An Apple a Day Can Keep Your Dentist & Doctor at Bay

US News & World Report By: Joan Salge Blake

Based on research, this fall's bounty of delicious apples may be good for your heart, waist and teeth.

Apples are a good source of a group of phytochemicals, called polyphenols, which have been shown to help decrease the risk of getting heart disease. Apples are also rich in pectin, a soluble fiber that can help lower your blood cholesterol levels. A high blood cholesterol level can increase your risk of heart disease.

But the benefits of fiber do not stop there. Chomping on an apple can help you feel full longer as the fiber content slows down its departure from the stomach to the gastrointestinal tract as it's being digested. A study of more than 55 adults published in Appetite revealed that eating an apple prior to lunch helped reduce the calories at that meal by 15 percent, or about 185 calories. This daily calorie reduction could parlay into a loss of about 1.5 pounds monthly, or 20 pounds a year. The researchers of this study concluded that eating high-fiber fruit at the start of a meal increases satiety or fullness, which can help you to consume fewer calories when you sit down to eat.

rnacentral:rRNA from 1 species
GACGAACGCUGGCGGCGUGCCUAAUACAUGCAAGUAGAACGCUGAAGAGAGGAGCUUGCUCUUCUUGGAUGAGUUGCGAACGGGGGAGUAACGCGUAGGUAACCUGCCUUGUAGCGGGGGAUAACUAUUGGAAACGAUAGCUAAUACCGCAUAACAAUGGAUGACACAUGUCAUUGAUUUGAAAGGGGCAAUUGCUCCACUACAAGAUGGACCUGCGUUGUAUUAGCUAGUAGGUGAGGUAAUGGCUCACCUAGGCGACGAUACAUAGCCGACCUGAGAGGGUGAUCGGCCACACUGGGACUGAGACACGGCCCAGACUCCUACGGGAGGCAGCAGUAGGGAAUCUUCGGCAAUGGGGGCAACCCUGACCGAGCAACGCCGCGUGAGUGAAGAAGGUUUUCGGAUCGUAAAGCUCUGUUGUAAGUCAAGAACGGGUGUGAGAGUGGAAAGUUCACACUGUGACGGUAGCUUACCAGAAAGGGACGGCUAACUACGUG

Lastly, apples contain another type of a polyphenol called tannins that will delight your dentist. These tannins are thought to have anti-sticky properties that may inhibit the bacteria in your mouth from interacting together and producing that nasty plaque that can build up on your teeth.

Since it is apple season, try these three apple tips to help you stay healthy, from your teeth to your waist:

1. Add chopped apples to your morning yogurt, cereal, or oatmeal to keep you full throughout the morning and potentially help lower your cholesterol.

2. Chomp on an apple 30 minutes prior to your lunch to help you eat less.

3. Pack an apple to munch on during the workday commute home. A pre-dinner apple is good for your teeth and could help curb your appetite so you don't arrive home so ravenous that you're tempted to eat anything that isn't moving.

Enjoying apples this fall may end up being the sweetest health trick of the season.

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